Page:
Napkin with Plant Seeds
Encourage loved ones to dig in -- literally. For cute place settings that will grow and grow on your guests, fill tiny packets with the seeds of your favorite flower, and stitch them onto simply printed seating cards; then watch the happiness blossom. Sweet pea seeds, Flower Art & Soul. Glassine envelopes (G7), ClearBags.
Create a boundless field of tulips with these sweet favors. We placed bulbs (you can buy them online in the fall) in votive candleholders with enough water to cover the roots, then added paper blooms and a vellum seat assignment to each one. Bulbs, John Scheeper's. Candleholders, Jamali Garden Supplies.
Invigorate table arrangements with a flavor infusion. Farmers'-market greenery, like oregano, basil, and tarragon, gives this modern setting an organic feel; planted in sleek pots, the herbs double as inventive displays for a wraparound menu of foods that put the plants' virtues to good use. Stainless cubes, Jamali Garden Supplies.
"A host, of golden daffodils/beside the lake, beneath the trees/fluttering and dancing in the breeze." We love daffodils as much as William Wordsworth did -- they herald spring's arrival. Here, budding bulbs bought from a local nursery are nestled into sake cups beneath beds of rocks. To turn them into take-home favors, use a rubber stamp to imprint planting instructions onto wooden posts. If you prefer dormant bulbs, buy them online in the fall. Bulbs, John Scheeper's. Large wooden sake cup (OMS -100), Buy4AsianLife.com. Wood-veneer paper, New York Central Art Supply, 800-950-6111. Rubber stamp, Stampworx.
Matchbooks with Seeds
Sure, matchbooks have become a go-to wedding favor, but there's more to these clever versions than meets the eye. Give away a surprising something to remember in the form of a cheery, charming pack of forget-me-not seeds. The best part: Long after the big day, guests will watch the dainty blossoms -- and the memories -- spring to life. Forget-me-not seeds, Flower Art & Soul. Glassine envelopes (G7), ClearBags.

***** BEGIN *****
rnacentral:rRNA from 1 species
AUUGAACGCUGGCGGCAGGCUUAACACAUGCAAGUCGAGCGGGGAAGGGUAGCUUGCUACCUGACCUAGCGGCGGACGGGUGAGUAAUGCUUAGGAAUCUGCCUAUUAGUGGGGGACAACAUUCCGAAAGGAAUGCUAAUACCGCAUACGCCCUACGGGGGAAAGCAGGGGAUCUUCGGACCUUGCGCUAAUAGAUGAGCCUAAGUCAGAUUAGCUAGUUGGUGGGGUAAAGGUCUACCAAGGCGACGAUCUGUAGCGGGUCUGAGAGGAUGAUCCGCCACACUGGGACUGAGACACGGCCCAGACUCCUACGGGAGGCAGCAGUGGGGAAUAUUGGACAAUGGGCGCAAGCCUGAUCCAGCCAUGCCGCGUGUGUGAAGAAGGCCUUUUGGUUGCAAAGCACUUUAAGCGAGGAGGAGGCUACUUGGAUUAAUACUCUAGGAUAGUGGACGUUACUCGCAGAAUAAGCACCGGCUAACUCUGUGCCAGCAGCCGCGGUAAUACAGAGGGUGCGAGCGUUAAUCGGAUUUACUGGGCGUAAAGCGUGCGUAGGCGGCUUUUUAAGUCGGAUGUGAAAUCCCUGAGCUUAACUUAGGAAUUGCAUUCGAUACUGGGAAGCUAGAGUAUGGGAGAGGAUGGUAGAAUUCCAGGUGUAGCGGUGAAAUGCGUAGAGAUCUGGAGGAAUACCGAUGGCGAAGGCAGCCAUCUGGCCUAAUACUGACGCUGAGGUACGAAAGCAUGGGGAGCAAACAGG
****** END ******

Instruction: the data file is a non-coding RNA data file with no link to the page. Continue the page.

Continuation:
Potted Rose Favors
There's nothing more romantic than the rose -- it's a symbol of love and affection that has stood the test of time. Miniature rose bushes make for especially adorable favors that, once planted, will produce blooms for years to come. These Lilliputian pots don't even require a green thumb -- underneath the scalloped band of decorative paper is a completely plantable container. 4" rose plants, Nurserymen's Exchange, bloomrite.com. Standard coir pots (CN-CRS), Greenhouse Megastore.
It may not be dahlia season just yet, but that doesn't mean you can't channel this flower's intense color and festive attitude here and now. For these eye-catching favor pouches, we used bright tissue paper to create a pattern that mimics that bold beauty, then tied on a tag bearing planting instructions, and verdant ribbon to pose as leaves. At home, guests will peel back the petals to reveal a dormant dahlia bulb brimming with potential and just waiting to take root. Bulbs, Swan Island Dahlias. Tissue paper (CT1AP), Nashville Wraps. 1 1/2" Paper Shapers circle craft punch, EK Success, from Scrapbook.com.
Small Plant Favors
Punched leaves of all-natural paper hold the seeds guests need to produce a patch of wildflowers. All that's required is dirt, water, and, of course, sunshine. Seed paper, Tender Seed Company, favorswithseeds.com. Seed paper in green garden, Botanical PaperWorks. Melamine cups (DRW-22), Buy4AsianLife.com.
Small Tin with Seeds
Takeaway Plant Centerpieces